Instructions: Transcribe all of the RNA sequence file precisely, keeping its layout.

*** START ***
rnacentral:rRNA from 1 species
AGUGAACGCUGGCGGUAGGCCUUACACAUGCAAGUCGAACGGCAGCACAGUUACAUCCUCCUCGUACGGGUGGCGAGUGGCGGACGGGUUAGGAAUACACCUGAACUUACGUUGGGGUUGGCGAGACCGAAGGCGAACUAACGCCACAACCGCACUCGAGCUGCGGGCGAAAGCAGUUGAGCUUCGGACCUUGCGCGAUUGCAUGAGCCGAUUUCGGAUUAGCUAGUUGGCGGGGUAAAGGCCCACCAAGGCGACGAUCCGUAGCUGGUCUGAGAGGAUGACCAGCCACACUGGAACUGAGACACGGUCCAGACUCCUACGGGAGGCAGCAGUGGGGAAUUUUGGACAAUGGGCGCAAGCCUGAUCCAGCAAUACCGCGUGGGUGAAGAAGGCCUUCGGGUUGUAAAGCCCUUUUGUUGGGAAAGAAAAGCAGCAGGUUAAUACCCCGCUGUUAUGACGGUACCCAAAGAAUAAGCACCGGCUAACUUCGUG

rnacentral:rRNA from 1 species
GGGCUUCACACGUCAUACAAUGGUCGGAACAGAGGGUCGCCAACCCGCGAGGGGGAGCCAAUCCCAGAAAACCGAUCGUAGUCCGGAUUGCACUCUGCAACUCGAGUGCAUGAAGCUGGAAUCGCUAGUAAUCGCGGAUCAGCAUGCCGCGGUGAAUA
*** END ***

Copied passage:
rnacentral:rRNA from 1 species
AGUGAACGCUGGCGGUAGGCCUUACACAUGCAAGUCGAACGGCAGCACAGUUACAUCCUCCUCGUACGGGUGGCGAGUGGCGGACGGGUUAGGAAUACACCUGAACUUACGUUGGGGUUGGCGAGACCGAAGGCGAACUAACGCCACAACCGCACUCGAGCUGCGGGCGAAAGCAGUUGAGCUUCGGACCUUGCGCGAUUGCAUGAGCCGAUUUCGGAUUAGCUAGUUGGCGGGGUAAAGGCCCACCAAGGCGACGAUCCGUAGCUGGUCUGAGAGGAUGACCAGCCACACUGGAACUGAGACACGGUCCAGACUCCUACGGGAGGCAGCAGUGGGGAAUUUUGGACAAUGGGCGCAAGCCUGAUCCAGCAAUACCGCGUGGGUGAAGAAGGCCUUCGGGUUGUAAAGCCCUUUUGUUGGGAAAGAAAAGCAGCAGGUUAAUACCCCGCUGUUAUGACGGUACCCAAAGAAUAAGCACCGGCUAACUUCGUG

rnacentral:rRNA from 1 species
GGGCUUCACACGUCAUACAAUGGUCGGAACAGAGGGUCGCCAACCCGCGAGGGGGAGCCAAUCCCAGAAAACCGAUCGUAGUCCGGAUUGCACUCUGCAACUCGAGUGCAUGAAGCUGGAAUCGCUAGUAAUCGCGGAUCAGCAUGCCGCGGUGAAUA